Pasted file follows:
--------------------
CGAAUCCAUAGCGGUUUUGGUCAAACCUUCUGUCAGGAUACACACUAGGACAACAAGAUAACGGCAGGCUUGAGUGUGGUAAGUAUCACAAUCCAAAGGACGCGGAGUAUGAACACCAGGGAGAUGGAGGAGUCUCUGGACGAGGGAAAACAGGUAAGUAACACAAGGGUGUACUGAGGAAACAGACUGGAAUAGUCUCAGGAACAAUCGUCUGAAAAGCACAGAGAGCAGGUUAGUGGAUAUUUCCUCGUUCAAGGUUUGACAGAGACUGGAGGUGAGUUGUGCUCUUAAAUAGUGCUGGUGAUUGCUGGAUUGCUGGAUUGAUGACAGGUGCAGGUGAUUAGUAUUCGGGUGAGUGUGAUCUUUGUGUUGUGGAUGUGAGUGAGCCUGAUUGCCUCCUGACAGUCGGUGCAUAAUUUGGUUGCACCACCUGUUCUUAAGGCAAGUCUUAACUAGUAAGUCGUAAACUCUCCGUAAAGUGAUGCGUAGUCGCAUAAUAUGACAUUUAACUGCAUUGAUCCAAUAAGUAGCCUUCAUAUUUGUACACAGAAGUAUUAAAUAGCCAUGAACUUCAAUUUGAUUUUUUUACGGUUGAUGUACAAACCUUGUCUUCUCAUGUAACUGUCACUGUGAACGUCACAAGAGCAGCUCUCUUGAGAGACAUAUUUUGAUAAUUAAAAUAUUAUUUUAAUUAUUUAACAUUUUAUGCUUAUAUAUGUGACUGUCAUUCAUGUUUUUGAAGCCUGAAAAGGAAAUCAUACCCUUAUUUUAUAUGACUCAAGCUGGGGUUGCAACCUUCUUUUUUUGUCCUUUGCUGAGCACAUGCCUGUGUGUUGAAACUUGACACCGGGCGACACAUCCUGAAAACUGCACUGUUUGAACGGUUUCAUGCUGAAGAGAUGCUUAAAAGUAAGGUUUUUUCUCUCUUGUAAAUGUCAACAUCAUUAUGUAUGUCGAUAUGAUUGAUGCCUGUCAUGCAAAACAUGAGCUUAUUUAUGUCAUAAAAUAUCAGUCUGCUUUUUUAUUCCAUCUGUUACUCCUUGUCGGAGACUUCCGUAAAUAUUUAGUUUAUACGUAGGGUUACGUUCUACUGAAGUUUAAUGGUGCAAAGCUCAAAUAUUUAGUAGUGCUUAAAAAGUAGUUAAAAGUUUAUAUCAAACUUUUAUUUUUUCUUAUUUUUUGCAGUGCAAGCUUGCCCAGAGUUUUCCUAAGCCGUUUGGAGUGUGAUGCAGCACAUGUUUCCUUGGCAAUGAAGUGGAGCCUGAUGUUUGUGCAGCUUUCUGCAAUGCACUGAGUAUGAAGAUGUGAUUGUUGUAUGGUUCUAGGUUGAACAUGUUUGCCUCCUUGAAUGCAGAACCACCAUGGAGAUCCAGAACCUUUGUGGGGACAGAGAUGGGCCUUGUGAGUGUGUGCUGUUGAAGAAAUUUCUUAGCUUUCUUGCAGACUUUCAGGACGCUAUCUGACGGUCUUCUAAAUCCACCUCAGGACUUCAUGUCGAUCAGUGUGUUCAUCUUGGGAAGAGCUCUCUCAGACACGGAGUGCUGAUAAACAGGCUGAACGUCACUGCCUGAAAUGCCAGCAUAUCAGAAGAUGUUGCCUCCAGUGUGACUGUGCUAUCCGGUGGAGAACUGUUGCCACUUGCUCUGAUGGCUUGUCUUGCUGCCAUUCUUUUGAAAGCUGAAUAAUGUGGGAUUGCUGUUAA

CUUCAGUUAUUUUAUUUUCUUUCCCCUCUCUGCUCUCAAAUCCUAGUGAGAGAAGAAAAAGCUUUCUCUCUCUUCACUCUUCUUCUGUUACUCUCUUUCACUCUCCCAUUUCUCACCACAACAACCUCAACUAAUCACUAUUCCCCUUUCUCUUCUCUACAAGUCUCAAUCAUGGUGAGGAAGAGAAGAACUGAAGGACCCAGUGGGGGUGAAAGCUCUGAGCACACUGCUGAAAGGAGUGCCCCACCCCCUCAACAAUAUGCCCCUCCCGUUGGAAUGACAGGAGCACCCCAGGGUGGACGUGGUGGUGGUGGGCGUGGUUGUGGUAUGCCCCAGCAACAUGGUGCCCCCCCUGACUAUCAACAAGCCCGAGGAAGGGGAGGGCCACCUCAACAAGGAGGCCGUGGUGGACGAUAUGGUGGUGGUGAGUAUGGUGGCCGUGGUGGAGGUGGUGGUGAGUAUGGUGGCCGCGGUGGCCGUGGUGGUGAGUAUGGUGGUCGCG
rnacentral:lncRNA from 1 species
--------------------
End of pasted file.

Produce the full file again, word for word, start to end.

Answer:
CGAAUCCAUAGCGGUUUUGGUCAAACCUUCUGUCAGGAUACACACUAGGACAACAAGAUAACGGCAGGCUUGAGUGUGGUAAGUAUCACAAUCCAAAGGACGCGGAGUAUGAACACCAGGGAGAUGGAGGAGUCUCUGGACGAGGGAAAACAGGUAAGUAACACAAGGGUGUACUGAGGAAACAGACUGGAAUAGUCUCAGGAACAAUCGUCUGAAAAGCACAGAGAGCAGGUUAGUGGAUAUUUCCUCGUUCAAGGUUUGACAGAGACUGGAGGUGAGUUGUGCUCUUAAAUAGUGCUGGUGAUUGCUGGAUUGCUGGAUUGAUGACAGGUGCAGGUGAUUAGUAUUCGGGUGAGUGUGAUCUUUGUGUUGUGGAUGUGAGUGAGCCUGAUUGCCUCCUGACAGUCGGUGCAUAAUUUGGUUGCACCACCUGUUCUUAAGGCAAGUCUUAACUAGUAAGUCGUAAACUCUCCGUAAAGUGAUGCGUAGUCGCAUAAUAUGACAUUUAACUGCAUUGAUCCAAUAAGUAGCCUUCAUAUUUGUACACAGAAGUAUUAAAUAGCCAUGAACUUCAAUUUGAUUUUUUUACGGUUGAUGUACAAACCUUGUCUUCUCAUGUAACUGUCACUGUGAACGUCACAAGAGCAGCUCUCUUGAGAGACAUAUUUUGAUAAUUAAAAUAUUAUUUUAAUUAUUUAACAUUUUAUGCUUAUAUAUGUGACUGUCAUUCAUGUUUUUGAAGCCUGAAAAGGAAAUCAUACCCUUAUUUUAUAUGACUCAAGCUGGGGUUGCAACCUUCUUUUUUUGUCCUUUGCUGAGCACAUGCCUGUGUGUUGAAACUUGACACCGGGCGACACAUCCUGAAAACUGCACUGUUUGAACGGUUUCAUGCUGAAGAGAUGCUUAAAAGUAAGGUUUUUUCUCUCUUGUAAAUGUCAACAUCAUUAUGUAUGUCGAUAUGAUUGAUGCCUGUCAUGCAAAACAUGAGCUUAUUUAUGUCAUAAAAUAUCAGUCUGCUUUUUUAUUCCAUCUGUUACUCCUUGUCGGAGACUUCCGUAAAUAUUUAGUUUAUACGUAGGGUUACGUUCUACUGAAGUUUAAUGGUGCAAAGCUCAAAUAUUUAGUAGUGCUUAAAAAGUAGUUAAAAGUUUAUAUCAAACUUUUAUUUUUUCUUAUUUUUUGCAGUGCAAGCUUGCCCAGAGUUUUCCUAAGCCGUUUGGAGUGUGAUGCAGCACAUGUUUCCUUGGCAAUGAAGUGGAGCCUGAUGUUUGUGCAGCUUUCUGCAAUGCACUGAGUAUGAAGAUGUGAUUGUUGUAUGGUUCUAGGUUGAACAUGUUUGCCUCCUUGAAUGCAGAACCACCAUGGAGAUCCAGAACCUUUGUGGGGACAGAGAUGGGCCUUGUGAGUGUGUGCUGUUGAAGAAAUUUCUUAGCUUUCUUGCAGACUUUCAGGACGCUAUCUGACGGUCUUCUAAAUCCACCUCAGGACUUCAUGUCGAUCAGUGUGUUCAUCUUGGGAAGAGCUCUCUCAGACACGGAGUGCUGAUAAACAGGCUGAACGUCACUGCCUGAAAUGCCAGCAUAUCAGAAGAUGUUGCCUCCAGUGUGACUGUGCUAUCCGGUGGAGAACUGUUGCCACUUGCUCUGAUGGCUUGUCUUGCUGCCAUUCUUUUGAAAGCUGAAUAAUGUGGGAUUGCUGUUAA

CUUCAGUUAUUUUAUUUUCUUUCCCCUCUCUGCUCUCAAAUCCUAGUGAGAGAAGAAAAAGCUUUCUCUCUCUUCACUCUUCUUCUGUUACUCUCUUUCACUCUCCCAUUUCUCACCACAACAACCUCAACUAAUCACUAUUCCCCUUUCUCUUCUCUACAAGUCUCAAUCAUGGUGAGGAAGAGAAGAACUGAAGGACCCAGUGGGGGUGAAAGCUCUGAGCACACUGCUGAAAGGAGUGCCCCACCCCCUCAACAAUAUGCCCCUCCCGUUGGAAUGACAGGAGCACCCCAGGGUGGACGUGGUGGUGGUGGGCGUGGUUGUGGUAUGCCCCAGCAACAUGGUGCCCCCCCUGACUAUCAACAAGCCCGAGGAAGGGGAGGGCCACCUCAACAAGGAGGCCGUGGUGGACGAUAUGGUGGUGGUGAGUAUGGUGGCCGUGGUGGAGGUGGUGGUGAGUAUGGUGGCCGCGGUGGCCGUGGUGGUGAGUAUGGUGGUCGCG
rnacentral:lncRNA from 1 species